Although we only discovered the Night Heron Rookery at Colusa National Wildlife Refuge last year, we were looking forward to seeing it again this year. As we drove up, though, we thought they had left. As we completed the drive, they surprised almost as much as they did last year. From a distance, all you can see is patches of white amidst the branches, only later spotting the herons sitting on branches outside the main rookery.
Even with a 1000mm lens it’s difficult to isolate a single heron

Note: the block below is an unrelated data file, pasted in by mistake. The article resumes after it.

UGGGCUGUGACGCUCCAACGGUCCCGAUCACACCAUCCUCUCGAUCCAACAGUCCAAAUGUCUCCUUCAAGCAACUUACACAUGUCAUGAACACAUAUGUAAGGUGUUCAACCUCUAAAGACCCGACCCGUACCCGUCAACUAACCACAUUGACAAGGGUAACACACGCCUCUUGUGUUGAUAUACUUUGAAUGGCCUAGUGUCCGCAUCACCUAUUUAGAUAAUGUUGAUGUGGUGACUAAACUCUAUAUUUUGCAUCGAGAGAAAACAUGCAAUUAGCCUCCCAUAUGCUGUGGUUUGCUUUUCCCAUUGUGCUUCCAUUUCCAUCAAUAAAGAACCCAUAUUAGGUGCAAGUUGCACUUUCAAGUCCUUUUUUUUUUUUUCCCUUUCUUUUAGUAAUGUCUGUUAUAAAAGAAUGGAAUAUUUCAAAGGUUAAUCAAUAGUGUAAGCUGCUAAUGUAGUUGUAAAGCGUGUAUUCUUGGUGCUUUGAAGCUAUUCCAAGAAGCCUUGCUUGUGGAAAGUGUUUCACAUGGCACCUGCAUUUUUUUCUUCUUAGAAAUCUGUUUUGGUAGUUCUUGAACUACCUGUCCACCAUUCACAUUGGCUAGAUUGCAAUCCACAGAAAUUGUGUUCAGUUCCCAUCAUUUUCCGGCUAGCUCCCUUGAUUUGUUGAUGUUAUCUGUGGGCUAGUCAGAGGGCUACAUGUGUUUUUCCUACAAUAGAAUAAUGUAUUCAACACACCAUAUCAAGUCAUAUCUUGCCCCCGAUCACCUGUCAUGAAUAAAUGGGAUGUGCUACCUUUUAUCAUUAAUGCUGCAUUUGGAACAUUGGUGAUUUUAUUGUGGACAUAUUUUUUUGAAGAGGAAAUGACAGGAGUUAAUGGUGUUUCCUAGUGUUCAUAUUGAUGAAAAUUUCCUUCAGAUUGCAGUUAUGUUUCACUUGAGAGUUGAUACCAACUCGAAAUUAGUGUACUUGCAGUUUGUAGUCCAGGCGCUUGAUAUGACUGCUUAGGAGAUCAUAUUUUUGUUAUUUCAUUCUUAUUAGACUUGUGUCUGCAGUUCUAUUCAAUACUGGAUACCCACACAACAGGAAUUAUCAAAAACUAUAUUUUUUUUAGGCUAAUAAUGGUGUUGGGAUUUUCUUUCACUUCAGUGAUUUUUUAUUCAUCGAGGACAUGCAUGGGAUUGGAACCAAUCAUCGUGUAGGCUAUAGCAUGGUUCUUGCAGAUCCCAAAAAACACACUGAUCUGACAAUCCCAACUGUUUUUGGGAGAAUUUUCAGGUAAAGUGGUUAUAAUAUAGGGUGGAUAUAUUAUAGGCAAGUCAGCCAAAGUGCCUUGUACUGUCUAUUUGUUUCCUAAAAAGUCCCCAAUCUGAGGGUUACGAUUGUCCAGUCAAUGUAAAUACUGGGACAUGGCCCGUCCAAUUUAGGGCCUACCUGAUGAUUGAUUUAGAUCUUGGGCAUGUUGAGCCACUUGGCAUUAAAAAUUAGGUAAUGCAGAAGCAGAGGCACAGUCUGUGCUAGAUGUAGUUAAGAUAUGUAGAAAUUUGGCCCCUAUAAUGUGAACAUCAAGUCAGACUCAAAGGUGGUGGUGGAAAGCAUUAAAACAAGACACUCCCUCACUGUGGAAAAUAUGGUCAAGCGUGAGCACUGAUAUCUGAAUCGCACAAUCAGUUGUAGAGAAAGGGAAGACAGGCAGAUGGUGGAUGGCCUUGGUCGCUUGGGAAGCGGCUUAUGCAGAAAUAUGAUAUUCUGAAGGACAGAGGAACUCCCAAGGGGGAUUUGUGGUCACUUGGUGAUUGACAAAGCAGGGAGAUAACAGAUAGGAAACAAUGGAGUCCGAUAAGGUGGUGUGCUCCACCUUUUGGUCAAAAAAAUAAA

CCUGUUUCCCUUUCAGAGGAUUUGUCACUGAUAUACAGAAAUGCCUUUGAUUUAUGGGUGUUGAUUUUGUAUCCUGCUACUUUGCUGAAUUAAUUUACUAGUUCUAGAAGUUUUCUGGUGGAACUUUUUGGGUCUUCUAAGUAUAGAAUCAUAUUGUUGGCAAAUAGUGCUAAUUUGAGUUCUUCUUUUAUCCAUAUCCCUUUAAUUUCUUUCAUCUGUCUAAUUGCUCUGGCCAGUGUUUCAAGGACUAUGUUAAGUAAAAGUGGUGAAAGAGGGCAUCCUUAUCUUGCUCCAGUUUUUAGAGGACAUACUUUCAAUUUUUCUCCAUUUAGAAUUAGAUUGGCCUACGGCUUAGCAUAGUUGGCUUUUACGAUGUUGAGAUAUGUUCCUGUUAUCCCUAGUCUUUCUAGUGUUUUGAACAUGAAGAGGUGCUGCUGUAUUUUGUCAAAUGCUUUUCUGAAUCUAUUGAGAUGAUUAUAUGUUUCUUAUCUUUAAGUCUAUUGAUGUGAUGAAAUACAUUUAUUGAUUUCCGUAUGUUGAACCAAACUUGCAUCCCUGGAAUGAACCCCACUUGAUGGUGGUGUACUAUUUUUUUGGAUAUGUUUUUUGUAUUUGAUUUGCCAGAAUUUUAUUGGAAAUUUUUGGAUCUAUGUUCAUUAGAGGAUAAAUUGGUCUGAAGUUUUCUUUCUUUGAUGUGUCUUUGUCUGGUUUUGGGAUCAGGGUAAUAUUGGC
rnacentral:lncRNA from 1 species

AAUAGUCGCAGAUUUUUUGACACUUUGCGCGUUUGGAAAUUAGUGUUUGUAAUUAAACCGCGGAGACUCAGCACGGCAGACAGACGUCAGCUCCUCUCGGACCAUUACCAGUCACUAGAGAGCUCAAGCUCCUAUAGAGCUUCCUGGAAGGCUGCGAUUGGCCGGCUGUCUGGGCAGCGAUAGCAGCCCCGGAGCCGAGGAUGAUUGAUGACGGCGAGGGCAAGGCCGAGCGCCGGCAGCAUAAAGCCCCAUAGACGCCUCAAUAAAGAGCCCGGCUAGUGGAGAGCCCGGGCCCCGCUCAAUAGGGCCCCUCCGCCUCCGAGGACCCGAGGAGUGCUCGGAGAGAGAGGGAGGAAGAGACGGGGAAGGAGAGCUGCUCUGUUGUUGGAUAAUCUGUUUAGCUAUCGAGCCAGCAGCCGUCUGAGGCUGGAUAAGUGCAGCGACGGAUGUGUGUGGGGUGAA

they’re packed so tightly together, layer after layer of them.
Unfortunately, I don’t know enough about their nesting habits to know if this is where they will raise chicks, but I didn’t see any signs of nests even when zooming in on several of the shots I’d taken.
The only closeup I was able to get was taken of a lone heron at Spring Lake in Santa Rosa.
I wish I had a chance to observe these birds over a longer period of time, but I’ve never seen one in Western Washington so it’s unlikely I’ll ever get the opportunity to do so. On the other hand, if I saw them regularly I would probably be less interested in them than I now am.